- Subsidies for sports stadiums do not “Pay for Themselves.” Even the most successful stadiums do no generate enough economic activity to justify large public subsidies. Orioles’ Camden Yards stadium, one of the more successful ventures, generates $3 million in annual economic benefits each year but has $14 million in annual taxpayer costs.

- The stadium is being sold as part of the economic development of Anacostia. But the experience in Arlington, TX, Chicago, IL, Detroit, MI and Milwaukee, WI where similar promises of rehabilitating blighted neighborhoods was made shows that the failure of rebuilding around a stadium.

- The deal offered by Mayor Williams is better for the club owner and baseball than the last 10 agreements made by other cities with their ballclubs.

The hidden costs of the new stadium are not being discussed:

- Cost overruns are almost a certainty. What happens if it costs $600 million instead of $400 million? Who will pay for these overruns?

- The new stadium will be paid for by a tax on tickets and concessions, and by taxing the city's largest businesses, those that make more than $3 million in revenue a year. What happens if the projected tax burden grows? Who pays?

- What happens if the DC team losses popularity, attendance drops, concession sales drop resulting in the tax revenue to pay for the stadium dropping. Who will make up the difference?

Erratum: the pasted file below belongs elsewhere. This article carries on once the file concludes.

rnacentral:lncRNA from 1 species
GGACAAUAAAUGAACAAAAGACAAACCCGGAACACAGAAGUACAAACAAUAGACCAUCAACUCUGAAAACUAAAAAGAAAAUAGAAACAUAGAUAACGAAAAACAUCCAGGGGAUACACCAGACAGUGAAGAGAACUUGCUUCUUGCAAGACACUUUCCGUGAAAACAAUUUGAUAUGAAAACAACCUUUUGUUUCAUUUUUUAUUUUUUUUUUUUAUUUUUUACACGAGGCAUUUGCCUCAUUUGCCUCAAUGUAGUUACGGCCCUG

- Who will pay for the transportation, transit and neighborhood upgrades related to the stadium? Does that come out of the general fund of the DC government?

- Other hidden costs include businesses raising their prices to pay for the new stadium tax.

- The cost of going to a ball game for a family of four is approximately $150, spending money at the stadium – which creates taxes to pay for the stadium – means that families will not be spending that $150 elsewhere in the city and generating a sales tax that goes to much needed city services.

Nader said: “In a city with a 37 percent functional adult illiteracy rate, 20 percent living in poverty, subway fares rising rapidly, drinking water problems surfacing, the mayor's public giveaway offer for the pride of having a baseball franchise is hard to understand, while the District's 27 woefully underfunded neighborhood libraries have fallen to 51st out of the 50 states and the District and where the gap between rich and poor is as wide as any other major U.S. city. Is hundreds of millions for baseball DC’s first priority?”

Nader agreed with Councilman Fenty that the new deal should not only have a new financing package focused on rehabilitation of RFK Stadium, at much less cost, but also should require:

- Local ownership of the team

- A long-term commitment to keep the team in the District

- An agreement that at least 50 percent of all construction renovation work will be by Local, Small, Disadvantaged Business Enterprise (LSDBE) contractors

- The District's retention of naming rights to the stadium

- An agreement that the team should be responsible for cost overruns in construction.

“Mayor Williams negotiated a bad deal. His offers of public subsidy swelled from $200 million, to $275 million, to $300 million, to $339 million, to $383 million and finally to $440 million. The city council should reject this giveaway and start anew,” said Nader.

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Founded by Ralph Nader, League of Fans is a sports reform project working to improve sports by increasing awareness of the sports industry's relationship to society, exposing irresponsible business practices, ensuring accountability to fans, and encouraging the industry to contribute to societal well-being.

To find out more about League of Fans, visit www.leagueoffans.org or write to [email protected].